Gregg’s 1910 season was also enough to convince the Cleveland Naps that Gregg would make an adequate replacement for future Hall of Famer Addie Joss (even through Joss threw right handed) who, after battling injuries and illness in his final two seasons (1909-10), died of a bacterial infection April 14, 1911 at 31.
The Naps purchased Greggs contract from Portland along with Beavers teammates Ivy Olson, Gus Fisher and Gene Krapp. To complete the deal, the Naps paid the Beavers $4,000.
Gregg featured an excellent fastball (he told The New York Times he developed his arm strength while wielding a trowel when he worked as a plasterer) but his best pitch, by all accounts, was a curve, which he often used when he was behind in the count.
As umpire Billy Evans observed in one interview, Greggs nerve is unlimited. In one game against the Athletics, which I umpired at the plate, I saw Gregg on five occasions, with the count 3-and-2, use his curve in preference to grooving the fast one.
“On three of those occasions, a base on balls would have been costly, but each time he struck out the batter.
Upon joining a Naps team that included an almost-done Cy Young, an aging Nap Lajoie and 21-year-old Shoeless Joe Jackson, Gregg made his big league debut April 12, 1911 and allowed three runs in four innings of relief.
After punching out one of the American Leagues top hitters, Sam Crawford, twice in a second relief stint six days later, manager Deacon McGuire moved Gregg into the rotation. He won his first start, 5-2, against the White Sox.
By midseason, Gregg had the AL on its ear. He won 13 games in his first 22 appearances, prompting New Yorks Hal Chase to label Gregg, “The leading pitcher of the league, and in my opinion, the most marvelous southpaw I have ever looked at.”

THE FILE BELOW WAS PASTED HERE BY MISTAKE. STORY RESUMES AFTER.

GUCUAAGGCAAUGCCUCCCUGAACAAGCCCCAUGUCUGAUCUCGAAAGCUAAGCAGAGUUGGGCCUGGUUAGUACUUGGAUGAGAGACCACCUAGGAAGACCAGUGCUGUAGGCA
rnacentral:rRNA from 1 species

It would, according to SABR, take 98 years before another left-hander, Matt Harrison (Texas, 2011) matched that feat (13 wins in first 22 appearances).
Gregg improved to 17-3 before he slumped slightly in late August. But he finished 23-7 for a Naps team that went 80-73 and would have fared far worse if Shoeless Joe hadnt produced 233 hits and a .408 average.
Gregg also led the AL in WHIP (1.054), in fewest hits allowed per game (6.34), and in winning percentage (.767). His wins above replacement, 8.8, topped Johnson (8.2), Alexander (8.1) and Mathewson (7.7). When Randy Johnson won the 1995 Cy Young while pitching for the Mariners, his wins above replacement was 8.3.
Gregg also had a lot more innings pitched (244.2) than hits allowed (172). He particularly feasted on the White Sox, going 7-0 against them.
Here was a guy just three years removed from pitching in the deepest semipro bush (Baker City) in the-then remote Pacific Northwest. If the Cy Young award had existed, Gregg would have been a contender for the American Leagues version of it.
The Sporting News named Gregg to its All-American League Team and the Chicago Tribune wrote, Unless something unexpected happens, he promises to take his place among the great left-handers in baseball history.
Alas, the unexpected happened. No one, save perhaps Gregg himself, knew it at the time, but the key date in his 1911 season was Sept. 4. He pitched his final game, beating (again) the White Sox 9-2. Significantly, Gregg did not pitch after that due to a sore arm that developed, according to The New York Times, “almost overnight.”